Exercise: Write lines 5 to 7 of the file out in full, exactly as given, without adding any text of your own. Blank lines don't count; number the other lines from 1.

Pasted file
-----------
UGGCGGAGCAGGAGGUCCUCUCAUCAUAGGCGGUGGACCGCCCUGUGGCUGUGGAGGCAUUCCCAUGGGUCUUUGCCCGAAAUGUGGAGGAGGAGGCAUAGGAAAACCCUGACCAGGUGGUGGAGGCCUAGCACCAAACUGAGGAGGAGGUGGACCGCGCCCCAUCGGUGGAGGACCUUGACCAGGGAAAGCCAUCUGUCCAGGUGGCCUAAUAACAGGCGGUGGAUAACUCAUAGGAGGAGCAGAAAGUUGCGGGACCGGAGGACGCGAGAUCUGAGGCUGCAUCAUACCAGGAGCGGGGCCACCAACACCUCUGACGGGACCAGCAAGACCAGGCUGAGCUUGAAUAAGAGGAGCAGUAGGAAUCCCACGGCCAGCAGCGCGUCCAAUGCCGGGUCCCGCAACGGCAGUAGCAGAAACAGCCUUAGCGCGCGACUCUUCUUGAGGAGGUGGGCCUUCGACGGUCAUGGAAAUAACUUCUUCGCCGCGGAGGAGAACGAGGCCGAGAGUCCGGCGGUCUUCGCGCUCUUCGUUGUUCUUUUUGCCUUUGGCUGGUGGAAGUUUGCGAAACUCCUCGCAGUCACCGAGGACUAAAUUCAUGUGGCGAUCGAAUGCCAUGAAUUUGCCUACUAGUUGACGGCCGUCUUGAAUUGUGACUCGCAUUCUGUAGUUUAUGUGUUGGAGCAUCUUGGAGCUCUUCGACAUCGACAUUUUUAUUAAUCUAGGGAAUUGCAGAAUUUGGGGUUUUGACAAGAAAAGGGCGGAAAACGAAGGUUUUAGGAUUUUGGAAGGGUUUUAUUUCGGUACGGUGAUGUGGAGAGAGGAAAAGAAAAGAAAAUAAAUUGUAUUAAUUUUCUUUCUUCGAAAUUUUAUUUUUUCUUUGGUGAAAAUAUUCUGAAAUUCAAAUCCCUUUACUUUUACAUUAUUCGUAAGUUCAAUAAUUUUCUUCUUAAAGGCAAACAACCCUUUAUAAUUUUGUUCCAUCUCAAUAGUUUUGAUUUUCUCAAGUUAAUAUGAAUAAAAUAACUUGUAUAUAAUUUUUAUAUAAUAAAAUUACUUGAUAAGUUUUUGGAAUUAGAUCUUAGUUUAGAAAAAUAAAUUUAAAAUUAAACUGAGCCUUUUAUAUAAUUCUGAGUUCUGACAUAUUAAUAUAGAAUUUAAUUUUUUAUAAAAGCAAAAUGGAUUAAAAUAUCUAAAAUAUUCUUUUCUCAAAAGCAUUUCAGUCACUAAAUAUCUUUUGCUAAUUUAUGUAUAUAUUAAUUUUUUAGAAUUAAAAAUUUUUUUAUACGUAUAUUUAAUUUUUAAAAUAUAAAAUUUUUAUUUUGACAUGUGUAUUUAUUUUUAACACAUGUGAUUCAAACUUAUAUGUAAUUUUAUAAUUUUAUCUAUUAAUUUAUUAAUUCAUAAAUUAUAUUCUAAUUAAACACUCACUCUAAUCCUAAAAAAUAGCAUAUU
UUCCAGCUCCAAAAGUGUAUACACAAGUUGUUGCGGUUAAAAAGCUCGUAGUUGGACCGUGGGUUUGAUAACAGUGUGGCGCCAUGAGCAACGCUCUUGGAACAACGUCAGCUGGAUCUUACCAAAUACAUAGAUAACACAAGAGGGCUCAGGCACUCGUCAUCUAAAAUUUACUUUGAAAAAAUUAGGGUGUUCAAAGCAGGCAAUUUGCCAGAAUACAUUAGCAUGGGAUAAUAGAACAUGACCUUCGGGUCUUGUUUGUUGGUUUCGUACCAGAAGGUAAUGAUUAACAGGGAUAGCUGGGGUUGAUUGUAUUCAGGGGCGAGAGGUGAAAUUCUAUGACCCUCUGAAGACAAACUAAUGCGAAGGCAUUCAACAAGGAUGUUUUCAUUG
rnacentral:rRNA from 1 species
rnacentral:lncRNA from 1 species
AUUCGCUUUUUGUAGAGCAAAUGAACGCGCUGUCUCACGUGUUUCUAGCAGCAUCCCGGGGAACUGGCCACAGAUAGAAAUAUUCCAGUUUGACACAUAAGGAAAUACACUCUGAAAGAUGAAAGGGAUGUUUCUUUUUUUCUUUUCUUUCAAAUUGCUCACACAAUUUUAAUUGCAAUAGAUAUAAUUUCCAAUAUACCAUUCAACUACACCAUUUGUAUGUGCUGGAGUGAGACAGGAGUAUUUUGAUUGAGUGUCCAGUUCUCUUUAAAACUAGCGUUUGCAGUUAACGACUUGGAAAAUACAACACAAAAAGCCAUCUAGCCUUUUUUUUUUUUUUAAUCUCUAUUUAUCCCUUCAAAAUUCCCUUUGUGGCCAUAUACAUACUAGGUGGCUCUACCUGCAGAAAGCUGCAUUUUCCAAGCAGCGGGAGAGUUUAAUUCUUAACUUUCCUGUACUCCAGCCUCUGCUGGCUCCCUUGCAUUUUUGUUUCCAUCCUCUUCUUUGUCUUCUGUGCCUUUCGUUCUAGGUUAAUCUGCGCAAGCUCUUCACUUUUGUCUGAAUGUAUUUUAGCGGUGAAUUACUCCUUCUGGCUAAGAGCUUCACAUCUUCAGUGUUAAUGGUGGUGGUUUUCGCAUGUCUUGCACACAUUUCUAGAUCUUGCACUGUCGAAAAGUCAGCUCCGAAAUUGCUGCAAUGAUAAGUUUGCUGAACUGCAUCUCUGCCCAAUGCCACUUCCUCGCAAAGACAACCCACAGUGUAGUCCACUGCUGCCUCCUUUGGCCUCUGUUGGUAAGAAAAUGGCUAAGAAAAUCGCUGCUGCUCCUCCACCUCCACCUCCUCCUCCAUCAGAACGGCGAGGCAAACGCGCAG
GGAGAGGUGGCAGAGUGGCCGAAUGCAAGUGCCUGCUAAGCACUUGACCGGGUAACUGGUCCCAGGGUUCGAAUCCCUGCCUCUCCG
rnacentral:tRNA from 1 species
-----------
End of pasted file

AUUCGCUUUUUGUAGAGCAAAUGAACGCGCUGUCUCACGUGUUUCUAGCAGCAUCCCGGGGAACUGGCCACAGAUAGAAAUAUUCCAGUUUGACACAUAAGGAAAUACACUCUGAAAGAUGAAAGGGAUGUUUCUUUUUUUCUUUUCUUUCAAAUUGCUCACACAAUUUUAAUUGCAAUAGAUAUAAUUUCCAAUAUACCAUUCAACUACACCAUUUGUAUGUGCUGGAGUGAGACAGGAGUAUUUUGAUUGAGUGUCCAGUUCUCUUUAAAACUAGCGUUUGCAGUUAACGACUUGGAAAAUACAACACAAAAAGCCAUCUAGCCUUUUUUUUUUUUUUAAUCUCUAUUUAUCCCUUCAAAAUUCCCUUUGUGGCCAUAUACAUACUAGGUGGCUCUACCUGCAGAAAGCUGCAUUUUCCAAGCAGCGGGAGAGUUUAAUUCUUAACUUUCCUGUACUCCAGCCUCUGCUGGCUCCCUUGCAUUUUUGUUUCCAUCCUCUUCUUUGUCUUCUGUGCCUUUCGUUCUAGGUUAAUCUGCGCAAGCUCUUCACUUUUGUCUGAAUGUAUUUUAGCGGUGAAUUACUCCUUCUGGCUAAGAGCUUCACAUCUUCAGUGUUAAUGGUGGUGGUUUUCGCAUGUCUUGCACACAUUUCUAGAUCUUGCACUGUCGAAAAGUCAGCUCCGAAAUUGCUGCAAUGAUAAGUUUGCUGAACUGCAUCUCUGCCCAAUGCCACUUCCUCGCAAAGACAACCCACAGUGUAGUCCACUGCUGCCUCCUUUGGCCUCUGUUGGUAAGAAAAUGGCUAAGAAAAUCGCUGCUGCUCCUCCACCUCCACCUCCUCCUCCAUCAGAACGGCGAGGCAAACGCGCAG
GGAGAGGUGGCAGAGUGGCCGAAUGCAAGUGCCUGCUAAGCACUUGACCGGGUAACUGGUCCCAGGGUUCGAAUCCCUGCCUCUCCG
rnacentral:tRNA from 1 species